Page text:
Here are my photos from the city of Épinal, which bills itself as the Home of Comics.
My final post from Virtual Canada is a set of photos from inside the Royal British Colombia Museum. The light wasn’t great for my poor photography skills, but in one way it enhances the incredible art on display. As with the Inuit, I think that the native peoples of Vancouver Island speak for themselves through their art and craft.
Surprisingly I can’t find a lot of photos of Toronto, but I do have a lot from my visit to the Museum of Inuit Art. It is one of the best art galleries I have ever seen. I’ve not bothered to try to comment on the images. The craft and artistry speak for themselves.
Here are some photos from the trip that Kevin and I made following the World Science Fiction Convention in 1999. First up we have the Puffing Billy Railway, which made Kevin very happy.
And second, one of the best ways to get up close and personal with Australian wildlife, Healesville Sanctuary. (Sadly digital cameras back then had little in the way of zoom so these are the only good shots I have.)
As usual, click on any photo for a bigger image and slide show.
Is it time for some tourism? I think so. Back in 2017 I was extremely fortunate to be invited to give a paper at a conference organised by the University of Bologna. Obviously I was looking forward to visiting the home of that famous pasta dish, but it turned out even better because the university’s conference facilities were in a small village well south of the city. That got me into contact with Italy’s violent history of roving gangs of mercenaries (condottieri) and with one of the world’s most famous writers.
My thanks again to Raffaella Baccolini and everyone else involved in the conference. There is now a book of the proceedings. And now, here are some photos (click on one for a slide show and comments).
Today is St. Stephen’s Day, and therefore the perfect day to put up some of my pictures of Vienna, given that their main cathedral is named after him. Google has comprehensively broken their photo system, which means that the system I used to work for displaying photos here no longer works. I’m testing a new system. Fingers crossed.
To be fair, it has been happening for a couple of weeks now. Daryn, Freddie and the rest of the crew have done an amazing job putting on a whole festival of LGBT+ goodness. However, this weekend was the culmination of all that, and it all began on Friday night with the city’s first ever official Black Pride event at City Hall. The photo above shows some of the organizers, along with the Guest of Honour, Lady Phyll Opoku-Gyimah.
The event also saw contributions from the Deputy Mayor, Asher Craig (Labour), and the Lord Mayor, Cleo Lake (Green). Cleo (shown above) got totally into the spirit of things with some amazing hair.
The big concern about Saturday was that there would be some sort of attempt by anti-trans extremists to disrupt the march, as happened in London the previous weekend. Daryn and the LGBT+ Group of Avon & Somerset Police worked hard to make sure that we would be prepared in the event of an attack, and they kindly kept me informed throughout the process. Thankfully everything went quietly, or at least as quietly as any Pride event can be. The March was led by the folks in the picture above. That’s the Elected Mayor, Marvin Rees (Labour); the Independent Police & Crime Commissioner, Sue Mountstevens; Asher Craig and Cleo Lake. They carried the front of the enormous flag though the whole parade. Here we are temporarily halted while the police cleared some buses from the road ahead.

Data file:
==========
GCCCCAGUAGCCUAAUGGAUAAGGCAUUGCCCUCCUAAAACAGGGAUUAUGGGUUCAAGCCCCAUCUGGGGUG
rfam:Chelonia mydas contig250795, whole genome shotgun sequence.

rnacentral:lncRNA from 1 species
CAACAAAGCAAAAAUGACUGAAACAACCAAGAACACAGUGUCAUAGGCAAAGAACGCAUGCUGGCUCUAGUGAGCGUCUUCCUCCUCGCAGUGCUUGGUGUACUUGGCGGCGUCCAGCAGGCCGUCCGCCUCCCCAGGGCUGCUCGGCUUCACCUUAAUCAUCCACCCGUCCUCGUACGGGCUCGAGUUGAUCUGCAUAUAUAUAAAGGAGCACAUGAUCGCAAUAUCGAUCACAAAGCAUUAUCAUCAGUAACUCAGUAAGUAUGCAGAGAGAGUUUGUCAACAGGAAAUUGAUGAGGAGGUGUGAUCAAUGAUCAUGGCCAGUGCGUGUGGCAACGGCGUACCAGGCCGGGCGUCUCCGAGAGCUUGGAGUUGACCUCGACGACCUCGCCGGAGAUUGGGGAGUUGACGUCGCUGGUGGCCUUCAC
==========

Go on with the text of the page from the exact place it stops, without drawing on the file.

And finally, durign the afternoon the big screen in Millennium Square provided the first public showings of the Talking LGBT+ Bristol film produced by Bristol 24/7. The film is now available online, so you can all watch. My thanks to Caragh, Connie, James, the folks at Tusko Films, the Heritage Lottery Fund and all who made this possible. My OutStories Bristol colleagues, Charlie and Robert, are superb in this.
On the first Friday evening of each month proud car owners in Helsinki bring their beloved vehicles to the harbor where they can be admired by others. Otto and I took a trip to see the show. Here are some pictures.
Didrichsen is an art museum in a wealthy suburb of West Helsinki. It was originally the home of Marie-Louise and Gunnar Didrichsen who collected art and cultural artifacts. As they got older they decided to turn their home into a museum so that everyone could enjoy the things they collected.
The particular passion was sculpture, and the museum has several Henry Moore pieces as he was a personal friend of the Didrichsens. There is also work by Eila Hiltunen who is most famous for the Sibelius monument in Helsinki. Much of the sculpture is in the garden. Inside there are some paintings, including one Picasso. There is also a small collection of ancient items from Latin America and the Far East.
However, the main item in the museum right now is an exhibition devoted to the work of artist and fashion designer, Jukka Rintala. He’s made a lot of dresses for models and actresses, and has also done quite a bit of theater work. Here are some photos. Enjoy!